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Cheltenham live: Min challenging A Plus Tard for Ryanair favouritism

Min is springing towards the top of the market for Thursday's Ryanair Chase
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Politologue made it fifth time lucky at the festival on Wednesday and, if the money coming for Min in the Ryanair Chase (2.50) proves well placed, the consistent nine-year-old could be about to make his mark at the fourth time of asking.

Min was 5-2 at the start of the day – with A Plus Tard an extremely solid favourite – but by 11am he was 2-1 virtually across the board. A Plus Tard is just hanging onto the top spot in the market at 15-8. 

Another Willie Mullins-trained challenger, Faugheen, has taken favouritism in the opening Marsh Novices' Chase (1.30). The 12-year-old, and dual festival hero, bids to add more glory to his recent renaissance over fences. 

Widely available at 9-2 on Wednesday evening, the 2015 Champion Hurdler now ranges between 3-1 and 4-1 and is the best-backed horse with most firms.

In the closing Fulke Walwyn Kim Muir Challenge Cup (5.30) punters are banking on a rare reverse for the Nicky Henderson and JP McManus combination with ante-post favourite Champagne Platinum a notable drifter. That leaves Jamie Codd's ride Le Breuil at the top of the market. 

Elsewhere, the Mullins-trained Colreevy has been backed in from 7-1 to 7-2 for the Daylesford Mares' Novices' Hurdle (4.50). She is closing in on the Henry de Bromhead-trained favourite Minella Melody who is a 3-1 chance. 

Going still soft, good to soft in places after 2mm of rain overnight

2mm of rain last night made no impact on the ground for day three of the Cheltenham Festival, and the going remains soft, good to soft in places.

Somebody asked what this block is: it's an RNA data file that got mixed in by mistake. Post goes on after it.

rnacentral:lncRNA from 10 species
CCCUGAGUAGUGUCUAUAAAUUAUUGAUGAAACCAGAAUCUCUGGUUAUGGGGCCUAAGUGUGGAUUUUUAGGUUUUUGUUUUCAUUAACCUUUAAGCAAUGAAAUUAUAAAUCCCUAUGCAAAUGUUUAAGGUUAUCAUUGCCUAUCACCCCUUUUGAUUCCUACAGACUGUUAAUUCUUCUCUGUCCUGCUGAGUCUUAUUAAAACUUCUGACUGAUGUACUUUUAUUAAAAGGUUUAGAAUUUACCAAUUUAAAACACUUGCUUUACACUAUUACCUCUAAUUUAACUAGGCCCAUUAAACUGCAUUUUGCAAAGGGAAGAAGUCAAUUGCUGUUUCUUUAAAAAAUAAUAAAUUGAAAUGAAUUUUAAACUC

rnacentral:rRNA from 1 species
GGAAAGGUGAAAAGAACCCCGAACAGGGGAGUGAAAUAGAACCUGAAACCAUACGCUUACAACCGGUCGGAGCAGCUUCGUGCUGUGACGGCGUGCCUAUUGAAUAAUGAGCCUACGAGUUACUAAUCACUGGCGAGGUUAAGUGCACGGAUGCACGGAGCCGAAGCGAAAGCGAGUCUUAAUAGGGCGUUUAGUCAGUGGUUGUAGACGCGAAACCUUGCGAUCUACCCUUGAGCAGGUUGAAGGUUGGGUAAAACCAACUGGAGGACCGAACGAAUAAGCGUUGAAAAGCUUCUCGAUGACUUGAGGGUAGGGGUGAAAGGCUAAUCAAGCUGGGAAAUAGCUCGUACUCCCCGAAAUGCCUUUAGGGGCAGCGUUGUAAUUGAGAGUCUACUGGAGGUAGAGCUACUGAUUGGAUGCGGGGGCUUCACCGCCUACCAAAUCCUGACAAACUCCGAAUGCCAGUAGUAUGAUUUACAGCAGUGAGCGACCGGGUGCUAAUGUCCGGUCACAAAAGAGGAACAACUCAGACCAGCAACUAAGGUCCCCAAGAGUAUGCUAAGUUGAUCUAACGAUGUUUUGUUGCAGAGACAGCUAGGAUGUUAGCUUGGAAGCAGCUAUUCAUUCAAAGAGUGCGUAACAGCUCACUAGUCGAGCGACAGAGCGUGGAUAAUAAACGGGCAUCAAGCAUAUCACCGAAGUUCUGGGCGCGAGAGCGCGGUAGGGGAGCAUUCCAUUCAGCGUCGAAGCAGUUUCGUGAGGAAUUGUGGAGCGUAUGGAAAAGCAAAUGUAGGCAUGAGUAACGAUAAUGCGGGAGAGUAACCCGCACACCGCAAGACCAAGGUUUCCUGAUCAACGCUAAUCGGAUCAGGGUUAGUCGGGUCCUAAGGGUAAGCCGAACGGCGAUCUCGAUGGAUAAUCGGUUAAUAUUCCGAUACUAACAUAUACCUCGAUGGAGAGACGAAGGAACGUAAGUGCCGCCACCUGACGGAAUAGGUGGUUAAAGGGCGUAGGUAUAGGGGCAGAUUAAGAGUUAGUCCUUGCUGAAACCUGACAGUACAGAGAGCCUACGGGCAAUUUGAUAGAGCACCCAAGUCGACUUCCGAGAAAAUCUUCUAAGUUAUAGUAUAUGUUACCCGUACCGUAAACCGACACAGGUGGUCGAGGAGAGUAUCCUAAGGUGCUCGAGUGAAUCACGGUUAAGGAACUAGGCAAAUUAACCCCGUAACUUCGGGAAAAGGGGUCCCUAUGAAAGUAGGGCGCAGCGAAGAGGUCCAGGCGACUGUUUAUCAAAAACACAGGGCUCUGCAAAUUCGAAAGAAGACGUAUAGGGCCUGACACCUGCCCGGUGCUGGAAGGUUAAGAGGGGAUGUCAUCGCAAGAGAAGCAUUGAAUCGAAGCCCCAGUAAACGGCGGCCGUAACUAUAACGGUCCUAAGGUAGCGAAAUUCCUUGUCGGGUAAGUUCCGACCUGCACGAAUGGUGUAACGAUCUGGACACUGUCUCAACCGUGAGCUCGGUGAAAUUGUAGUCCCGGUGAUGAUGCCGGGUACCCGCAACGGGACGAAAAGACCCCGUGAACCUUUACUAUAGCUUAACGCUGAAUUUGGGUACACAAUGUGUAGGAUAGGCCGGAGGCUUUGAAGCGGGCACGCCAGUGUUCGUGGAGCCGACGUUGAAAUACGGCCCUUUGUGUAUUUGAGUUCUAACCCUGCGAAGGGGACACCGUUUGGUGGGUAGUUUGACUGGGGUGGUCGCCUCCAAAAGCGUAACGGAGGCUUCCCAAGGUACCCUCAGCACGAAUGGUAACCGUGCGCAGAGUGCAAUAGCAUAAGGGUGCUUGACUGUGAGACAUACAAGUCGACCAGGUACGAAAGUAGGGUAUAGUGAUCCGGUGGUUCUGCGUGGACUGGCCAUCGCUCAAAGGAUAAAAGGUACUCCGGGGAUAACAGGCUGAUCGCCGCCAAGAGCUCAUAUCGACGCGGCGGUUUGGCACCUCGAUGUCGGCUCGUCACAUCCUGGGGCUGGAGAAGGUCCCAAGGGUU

The afternoon's highlight is the Paddy Power Stayers' Hurdle (3.30), which Paisley Park bids to win for the second year running.

An overcast afternoon is forecast today, which could include some sunny spells and highs of 9C.

Alastair Down reflects on day two of the Cheltenham Festival

Cheltenham's clerk of the course Simon Claisse said: "They said there'd be some rain overnight and we gave the New course – which we haven't used since this time last year – as soft, good to soft in places last night. That little bit of rain hasn't made any difference at all.

"The boys were out on track until 7pm or 8pm last night as they had to move several miles of rail as we move from the Old [course] to the New for days three and four of the festival."

The card starts at 1.30 with the Grade 1 Marsh Novices' Chase.

Today's non-runners

10 Clondaw Castle

10 Ami Desbois

In with the new

As Claisse mentioned, Cheltenham switches to its New course for the final two days of the festival and champion jockey Richard Johnson – writing in his Racing Post column – explained: "Compared to the Old course, the New course places a greater emphasis on stamina. Over hurdles it's an awfully long way from jumping three out to the line, so you definitely need a horse who gets the trip.

"You cover a lot of ground from the top of the hill to the bottom and then from there to the finish it can be a tiring climb. The problem is a lot of horses begin racing as soon as they start down the hill, so by the time they reach the bottom of the descent they have almost run out of gas. As a result, conserving energy is important on the New course.

"One of its advantages is that whereas you find the fences coming up quite quickly on the Old course, you have more time on the New course and a better chance of getting your horse into a rhythm."

You might also be interested in:

Today's Cheltenham cards

Keith Melrose's Stayers' Hurdle view

Today's armchair guide to each festival race

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That little bit of rain hasn't made any difference at all
E.W. Terms